Category 1: Email – Once a week scheduled checkups for 1 hour max, preferably Saturday afternoons (never check email first thing in the morning or last thing before bed!)
Category 2: Viber/WhatsApp – Daily for 10 minutes max during afternoons, preferably between 4 pm and 6 pm (this is the sweet spot between afternoon and night study sessions). This means you should turn off all notifications for these apps so you can check them manually – this will require considerable self-discipline.
Category 3: Phone SMS – All the time. Your phone for SMS is now the Holy Grail. It’s precious and reserved only for emergencies. No longer shall you devalue the SMS by wasting its power on sending your friends links to nyan cat. Thou shall not waste its power! When you receive an SMS from colleague/project partner/club committee member/etc it means it’s an emergency, so treat it as such. Get to it as quick as possible. If you don’t, others will lose trust in your infrastructure.
Category 4: Phone Call – All the time. When. All. Else. Fails. The ultimate emergency issue has arisen, and you are yet to be notified. White House Down, people are dying. That’s how you should treat a phone call.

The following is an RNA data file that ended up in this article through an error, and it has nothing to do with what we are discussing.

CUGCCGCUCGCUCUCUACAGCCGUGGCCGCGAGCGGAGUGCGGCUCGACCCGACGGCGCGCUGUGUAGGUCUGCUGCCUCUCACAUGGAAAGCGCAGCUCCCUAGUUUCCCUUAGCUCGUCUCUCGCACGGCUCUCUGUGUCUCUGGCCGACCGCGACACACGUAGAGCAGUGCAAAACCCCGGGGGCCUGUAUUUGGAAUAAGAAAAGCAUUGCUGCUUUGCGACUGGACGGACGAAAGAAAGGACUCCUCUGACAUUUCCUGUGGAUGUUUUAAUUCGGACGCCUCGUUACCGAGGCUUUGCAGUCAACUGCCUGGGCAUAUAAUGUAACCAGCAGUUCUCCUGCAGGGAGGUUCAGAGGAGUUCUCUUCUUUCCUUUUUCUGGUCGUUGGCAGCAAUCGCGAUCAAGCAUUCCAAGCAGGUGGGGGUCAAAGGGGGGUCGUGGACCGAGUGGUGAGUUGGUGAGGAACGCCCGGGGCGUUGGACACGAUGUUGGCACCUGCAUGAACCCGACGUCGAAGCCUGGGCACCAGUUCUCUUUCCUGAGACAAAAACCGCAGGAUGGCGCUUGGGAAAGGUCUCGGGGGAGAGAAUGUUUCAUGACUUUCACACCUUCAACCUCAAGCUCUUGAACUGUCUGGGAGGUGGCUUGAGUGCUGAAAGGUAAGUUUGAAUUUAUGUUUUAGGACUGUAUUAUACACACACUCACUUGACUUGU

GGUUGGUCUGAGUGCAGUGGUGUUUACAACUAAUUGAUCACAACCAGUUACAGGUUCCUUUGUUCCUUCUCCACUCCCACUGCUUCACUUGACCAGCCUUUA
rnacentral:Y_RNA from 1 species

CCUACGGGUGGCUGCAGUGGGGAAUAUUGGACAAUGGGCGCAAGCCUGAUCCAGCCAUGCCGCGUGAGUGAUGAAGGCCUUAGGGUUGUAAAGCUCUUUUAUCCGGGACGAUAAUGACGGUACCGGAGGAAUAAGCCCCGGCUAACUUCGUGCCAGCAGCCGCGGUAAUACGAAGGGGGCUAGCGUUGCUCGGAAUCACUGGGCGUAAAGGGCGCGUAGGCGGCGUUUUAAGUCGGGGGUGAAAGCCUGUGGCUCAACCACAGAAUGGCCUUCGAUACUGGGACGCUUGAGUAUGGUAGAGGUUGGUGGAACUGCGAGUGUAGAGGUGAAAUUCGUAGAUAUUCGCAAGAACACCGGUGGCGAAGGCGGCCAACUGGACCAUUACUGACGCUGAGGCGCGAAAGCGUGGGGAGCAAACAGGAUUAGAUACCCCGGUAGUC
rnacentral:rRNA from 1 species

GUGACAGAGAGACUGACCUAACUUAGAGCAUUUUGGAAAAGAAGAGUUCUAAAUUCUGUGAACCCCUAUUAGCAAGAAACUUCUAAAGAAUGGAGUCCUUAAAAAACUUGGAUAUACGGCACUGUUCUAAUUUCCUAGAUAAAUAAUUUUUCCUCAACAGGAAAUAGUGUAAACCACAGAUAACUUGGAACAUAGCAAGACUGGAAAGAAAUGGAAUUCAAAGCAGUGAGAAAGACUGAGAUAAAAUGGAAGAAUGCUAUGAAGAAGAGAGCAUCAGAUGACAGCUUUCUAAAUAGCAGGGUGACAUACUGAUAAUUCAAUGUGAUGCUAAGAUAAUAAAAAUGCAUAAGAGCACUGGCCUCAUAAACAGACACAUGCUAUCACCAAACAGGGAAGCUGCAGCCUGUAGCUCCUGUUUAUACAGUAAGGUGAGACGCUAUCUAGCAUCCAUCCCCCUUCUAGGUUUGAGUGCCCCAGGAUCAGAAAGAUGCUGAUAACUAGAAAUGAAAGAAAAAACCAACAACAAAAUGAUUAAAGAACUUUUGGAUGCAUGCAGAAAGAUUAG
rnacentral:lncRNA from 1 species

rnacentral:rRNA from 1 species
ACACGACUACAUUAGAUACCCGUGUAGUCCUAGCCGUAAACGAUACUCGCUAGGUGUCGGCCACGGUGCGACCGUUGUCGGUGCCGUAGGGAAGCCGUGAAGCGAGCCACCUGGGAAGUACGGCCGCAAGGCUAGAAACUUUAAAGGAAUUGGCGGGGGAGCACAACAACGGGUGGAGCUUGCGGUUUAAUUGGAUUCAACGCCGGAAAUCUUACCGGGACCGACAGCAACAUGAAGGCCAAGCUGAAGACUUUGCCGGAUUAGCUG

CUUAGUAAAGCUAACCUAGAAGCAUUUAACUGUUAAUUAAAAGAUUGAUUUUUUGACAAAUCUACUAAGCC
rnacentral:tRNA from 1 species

*Facebook deserves a mention here on its own. It’s used as a contact medium (Facebook messaging) and also social tool. I recommend treating it like email, once a week. For those who can’t, check daily for 15 minutes max the same time as Viber/WhatsApp. As long as you schedule a time and time limit.
For the infrastructure to work however you MUST:
- Disable ALL notifications for Facebook, Viber, WhatsApp, email and any other social app on your phone. They are to be checked manually at scheduled times. It’s been too long you’ve been accustomed to obeying that alert tone.